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Amsterdam. Easter. Calligraphy.

Easter Sunday. It was noon by the time I hit the street, too late for church, and, as far as I can see, none of the big churches around here are still having services. Religion not too big with the rational Dutch. I’d thought everything would be closed up tight, like in old Europe, but the cafes and bigger stores are open. I saw an entertaining unicyclist-juggler. He was great; cajoling and insulting the audience, even screaming “Cheap bastards!” at some people who left without giving him a Euro.

I’m looking for more ideas about how the Peng send the woogies down here. I was thinking graffiti is like van Gogh brush strokes is like…calligraphic script. Obviously the Peng should be using something like calligraphy instead of boring Fourier series.

One church I tried to go into, the Nieukerk, had a big show of Islamic art. This is by the nineteenth century calligrapher Abdulfettah Efendi, and it says, “Sultan Abduülaziz, son of Sultan Mahmud, victorious forever.” I love how all that information is in that mark, it’s what they call a tugra, it’s like your seal. Too bad the content is semantically dull, though. Same as the Egyptan heiroglyphic inscriptions, that are usually just praising a pharoah. And graffiti are normally just someone’s name. Would be nicer if these things were more like poems. I got some email from a fan, Guy Rombouts, in Antwerp yesterday, as “chance” would have it—he has an ”Azart” website devoted to converting roman-letter words into heiroglyphs.

It all fits. Or am I just experiencing what clinicians call ideas of reference? Well, no, it’s not clinical, I do know I’m playing around. It’s art. And during my long wee hours awake, I keep rewriting the outline for Hylozoic. Crazy like a fox.

Here’s some really fine religious calligraphy by Katip el-Antalyevi, dating from about 1550. They way he’s drawn clouds around the letters is really cool, it remind me of this amazing art-book The Humument

I walked along the canals. I missed my family terribly today. I kept thinking of how last time I saw Amsterdam was with Sylvia and Isabel. We always have a family dinner on Easter, it’s such a nice holiday.

A number of people live on tethered boats on the peaceful residential-neighborhood canals. Seems mellow. This guy is touching up the paint on his boat, I thought of the Dutch abstract expressionist De Kooning.

I finally got my Easter church fix by going to a concert in the Oudekerk—which also doesn’t have services anymore. Organ, viola, violin, and a mezzo-soprano singing some songs by Handel. “Seht was ihr hier im Luften dür reiche Schätze habt.” See you have here in the air for rich treasures. Again I think of the woogies. Of the gnarly computation in the currents of the air. The music is in the air, isn’t it? The Tibetan Buddhists say the universe began as an Om. De Broglie matter waves from the captive atoms, converging like an orchestra to produce, gaaak, a Peng! The Gospel of John, “In the beginning was the word.”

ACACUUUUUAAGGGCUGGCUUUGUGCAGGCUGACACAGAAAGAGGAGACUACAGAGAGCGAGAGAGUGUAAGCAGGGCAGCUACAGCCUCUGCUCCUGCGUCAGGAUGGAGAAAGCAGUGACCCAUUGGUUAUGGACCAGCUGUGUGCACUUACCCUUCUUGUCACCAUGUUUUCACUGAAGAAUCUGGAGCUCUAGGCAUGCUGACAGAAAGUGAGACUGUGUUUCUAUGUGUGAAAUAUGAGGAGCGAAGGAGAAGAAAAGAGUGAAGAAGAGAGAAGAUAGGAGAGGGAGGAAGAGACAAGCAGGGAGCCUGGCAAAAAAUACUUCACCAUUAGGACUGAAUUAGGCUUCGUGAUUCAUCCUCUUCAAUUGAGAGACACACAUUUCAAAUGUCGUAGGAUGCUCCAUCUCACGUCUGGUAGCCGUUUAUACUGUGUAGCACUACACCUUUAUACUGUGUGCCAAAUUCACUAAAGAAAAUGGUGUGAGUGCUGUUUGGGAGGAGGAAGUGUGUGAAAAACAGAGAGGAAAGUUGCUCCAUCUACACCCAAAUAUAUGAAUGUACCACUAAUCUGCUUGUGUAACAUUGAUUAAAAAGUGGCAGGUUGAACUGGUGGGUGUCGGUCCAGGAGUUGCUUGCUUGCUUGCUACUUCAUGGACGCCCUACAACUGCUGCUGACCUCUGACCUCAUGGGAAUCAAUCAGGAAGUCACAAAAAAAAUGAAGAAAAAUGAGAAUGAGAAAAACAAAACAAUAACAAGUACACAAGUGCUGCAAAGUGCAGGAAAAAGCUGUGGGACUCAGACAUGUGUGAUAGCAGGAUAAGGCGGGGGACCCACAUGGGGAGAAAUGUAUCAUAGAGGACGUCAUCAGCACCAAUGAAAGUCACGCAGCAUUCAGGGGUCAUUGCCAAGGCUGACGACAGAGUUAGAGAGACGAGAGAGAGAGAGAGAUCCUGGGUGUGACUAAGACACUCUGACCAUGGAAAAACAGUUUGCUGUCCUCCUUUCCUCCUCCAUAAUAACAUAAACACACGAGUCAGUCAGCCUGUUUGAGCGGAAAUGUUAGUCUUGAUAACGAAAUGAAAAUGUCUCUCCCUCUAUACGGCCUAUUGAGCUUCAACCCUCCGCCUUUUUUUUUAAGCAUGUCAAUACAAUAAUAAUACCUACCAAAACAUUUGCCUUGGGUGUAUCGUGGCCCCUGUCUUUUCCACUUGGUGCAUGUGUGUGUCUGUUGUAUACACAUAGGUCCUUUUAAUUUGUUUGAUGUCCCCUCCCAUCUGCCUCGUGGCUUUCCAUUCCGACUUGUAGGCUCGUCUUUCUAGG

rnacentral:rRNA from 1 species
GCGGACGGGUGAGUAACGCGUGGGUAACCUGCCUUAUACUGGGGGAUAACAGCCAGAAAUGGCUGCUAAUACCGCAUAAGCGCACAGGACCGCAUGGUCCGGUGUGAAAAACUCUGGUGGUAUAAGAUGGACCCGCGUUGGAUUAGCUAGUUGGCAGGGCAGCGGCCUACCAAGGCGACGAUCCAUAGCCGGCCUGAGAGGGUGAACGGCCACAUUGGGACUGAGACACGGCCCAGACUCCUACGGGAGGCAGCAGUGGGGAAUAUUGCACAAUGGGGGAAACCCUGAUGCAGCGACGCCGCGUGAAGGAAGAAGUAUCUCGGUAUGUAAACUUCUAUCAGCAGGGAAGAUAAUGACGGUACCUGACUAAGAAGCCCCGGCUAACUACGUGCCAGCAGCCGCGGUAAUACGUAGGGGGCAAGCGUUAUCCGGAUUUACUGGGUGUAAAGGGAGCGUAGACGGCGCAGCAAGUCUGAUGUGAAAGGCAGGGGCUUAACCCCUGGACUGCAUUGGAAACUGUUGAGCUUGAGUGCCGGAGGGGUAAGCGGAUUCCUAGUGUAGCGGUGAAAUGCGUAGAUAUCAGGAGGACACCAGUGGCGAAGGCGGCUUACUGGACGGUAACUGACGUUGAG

The crowd was mostly Dutch, I think.

This is a nice picture, even if it’s a bit blurred. The pocket digital cameras are in some sense bringing us back to the early days of photography when it was more about the content than the image clarity. It’s good to have the camera along to keep me company. And the blog.

4 Responses to “Amsterdam. Easter. Calligraphy.”

  1. COOP Says:

    Sterolab’s first record is called PENG!, but maybe you already know that.

    I’m not religious, but it makes me slightly sad to think of churches slowly going out of business like lawnmower repair shops or Woolworths. Maybe Disneyland can build “Catholicland”, with animatronic sinners and such.

  2. merle Says:

    I’ve also admired the calligraphy at the Nieuwkerk, easily the nicest pieces of the exhibition to me (though I have a fondness for the long scroll there called ‘The Prospect of Constantinople’ by Melchior Lorichs) – I didn’t take any pictures, so yours are very welcome! You can see that Arabian calligraphy and marbling are art, in the boldness and intricacy of design.
    I hope you’ll enjoy Amsterdam in the sunshine, and I’m looking forward to hear you speak come wednesday.

  3. karen Says:

    oudekerk is built 1260, Yu
    they look vary happy

  4. Füsun Says:

    Wonderful photos, I loved the way you commented on the Calligraphy and Tuğra. You will see lots of them if you ever visit Istanbul…

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